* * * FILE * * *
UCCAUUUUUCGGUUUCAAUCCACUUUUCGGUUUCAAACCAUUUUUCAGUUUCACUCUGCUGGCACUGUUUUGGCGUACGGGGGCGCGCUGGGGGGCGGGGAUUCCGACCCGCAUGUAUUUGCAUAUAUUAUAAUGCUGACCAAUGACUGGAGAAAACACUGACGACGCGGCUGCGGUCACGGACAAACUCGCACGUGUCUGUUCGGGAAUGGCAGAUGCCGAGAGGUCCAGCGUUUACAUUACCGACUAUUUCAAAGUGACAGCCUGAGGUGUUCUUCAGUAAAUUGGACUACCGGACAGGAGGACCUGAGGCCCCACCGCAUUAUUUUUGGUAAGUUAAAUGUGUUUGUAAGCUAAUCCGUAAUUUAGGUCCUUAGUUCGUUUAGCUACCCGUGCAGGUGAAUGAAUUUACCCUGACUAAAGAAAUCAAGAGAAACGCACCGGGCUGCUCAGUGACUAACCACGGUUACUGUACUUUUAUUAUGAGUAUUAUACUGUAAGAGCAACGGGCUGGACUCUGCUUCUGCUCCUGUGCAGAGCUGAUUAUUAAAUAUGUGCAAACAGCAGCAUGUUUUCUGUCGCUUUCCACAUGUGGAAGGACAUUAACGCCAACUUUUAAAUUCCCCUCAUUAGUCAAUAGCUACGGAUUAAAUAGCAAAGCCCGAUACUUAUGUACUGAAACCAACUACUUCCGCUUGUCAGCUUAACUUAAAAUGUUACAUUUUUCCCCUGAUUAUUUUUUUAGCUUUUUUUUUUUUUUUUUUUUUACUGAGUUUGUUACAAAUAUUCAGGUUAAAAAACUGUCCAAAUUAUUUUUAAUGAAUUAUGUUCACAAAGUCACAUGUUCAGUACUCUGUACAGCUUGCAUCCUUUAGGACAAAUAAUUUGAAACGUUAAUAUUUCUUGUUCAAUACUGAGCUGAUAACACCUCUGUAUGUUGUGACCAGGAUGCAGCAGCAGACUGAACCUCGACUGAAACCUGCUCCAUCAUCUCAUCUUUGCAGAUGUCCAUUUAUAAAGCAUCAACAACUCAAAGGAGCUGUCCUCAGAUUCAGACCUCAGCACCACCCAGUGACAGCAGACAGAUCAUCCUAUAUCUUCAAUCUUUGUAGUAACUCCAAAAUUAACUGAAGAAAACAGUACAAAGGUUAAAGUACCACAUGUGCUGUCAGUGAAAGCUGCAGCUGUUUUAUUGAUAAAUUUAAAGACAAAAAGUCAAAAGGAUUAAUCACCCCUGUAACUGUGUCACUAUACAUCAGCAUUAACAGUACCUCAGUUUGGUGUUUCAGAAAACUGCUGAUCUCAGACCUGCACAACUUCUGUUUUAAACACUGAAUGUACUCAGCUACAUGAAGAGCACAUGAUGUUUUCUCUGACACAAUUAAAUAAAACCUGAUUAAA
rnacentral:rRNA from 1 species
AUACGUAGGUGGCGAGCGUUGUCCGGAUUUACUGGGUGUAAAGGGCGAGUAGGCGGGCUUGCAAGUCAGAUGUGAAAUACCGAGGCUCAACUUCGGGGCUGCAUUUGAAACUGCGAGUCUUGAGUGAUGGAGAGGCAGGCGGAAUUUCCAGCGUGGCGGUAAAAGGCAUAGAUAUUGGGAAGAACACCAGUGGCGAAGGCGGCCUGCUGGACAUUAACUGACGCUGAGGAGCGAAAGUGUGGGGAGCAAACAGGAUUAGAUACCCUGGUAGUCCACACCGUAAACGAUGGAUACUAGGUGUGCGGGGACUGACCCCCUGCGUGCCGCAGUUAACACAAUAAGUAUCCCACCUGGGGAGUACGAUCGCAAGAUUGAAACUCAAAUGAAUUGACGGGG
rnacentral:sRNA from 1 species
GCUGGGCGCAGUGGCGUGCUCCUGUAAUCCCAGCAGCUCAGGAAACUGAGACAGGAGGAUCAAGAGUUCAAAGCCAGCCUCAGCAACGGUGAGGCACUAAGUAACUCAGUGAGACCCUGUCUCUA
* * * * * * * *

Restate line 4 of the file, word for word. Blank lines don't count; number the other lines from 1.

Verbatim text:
rnacentral:sRNA from 1 species